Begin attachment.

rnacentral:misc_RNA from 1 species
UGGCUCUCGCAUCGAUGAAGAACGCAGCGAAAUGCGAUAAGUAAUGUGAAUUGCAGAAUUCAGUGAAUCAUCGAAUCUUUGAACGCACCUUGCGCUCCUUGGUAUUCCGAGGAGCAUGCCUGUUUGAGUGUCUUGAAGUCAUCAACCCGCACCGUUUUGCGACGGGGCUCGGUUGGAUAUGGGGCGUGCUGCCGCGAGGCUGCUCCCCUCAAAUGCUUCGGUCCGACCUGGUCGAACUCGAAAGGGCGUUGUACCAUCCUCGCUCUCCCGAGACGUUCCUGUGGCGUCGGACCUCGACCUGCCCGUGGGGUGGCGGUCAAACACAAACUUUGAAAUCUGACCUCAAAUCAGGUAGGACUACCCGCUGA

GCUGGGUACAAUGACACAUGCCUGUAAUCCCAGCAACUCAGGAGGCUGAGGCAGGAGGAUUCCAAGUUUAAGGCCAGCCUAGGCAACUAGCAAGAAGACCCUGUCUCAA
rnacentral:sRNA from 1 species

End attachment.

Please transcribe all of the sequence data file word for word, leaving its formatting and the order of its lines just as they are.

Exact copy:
rnacentral:misc_RNA from 1 species
UGGCUCUCGCAUCGAUGAAGAACGCAGCGAAAUGCGAUAAGUAAUGUGAAUUGCAGAAUUCAGUGAAUCAUCGAAUCUUUGAACGCACCUUGCGCUCCUUGGUAUUCCGAGGAGCAUGCCUGUUUGAGUGUCUUGAAGUCAUCAACCCGCACCGUUUUGCGACGGGGCUCGGUUGGAUAUGGGGCGUGCUGCCGCGAGGCUGCUCCCCUCAAAUGCUUCGGUCCGACCUGGUCGAACUCGAAAGGGCGUUGUACCAUCCUCGCUCUCCCGAGACGUUCCUGUGGCGUCGGACCUCGACCUGCCCGUGGGGUGGCGGUCAAACACAAACUUUGAAAUCUGACCUCAAAUCAGGUAGGACUACCCGCUGA

GCUGGGUACAAUGACACAUGCCUGUAAUCCCAGCAACUCAGGAGGCUGAGGCAGGAGGAUUCCAAGUUUAAGGCCAGCCUAGGCAACUAGCAAGAAGACCCUGUCUCAA
rnacentral:sRNA from 1 species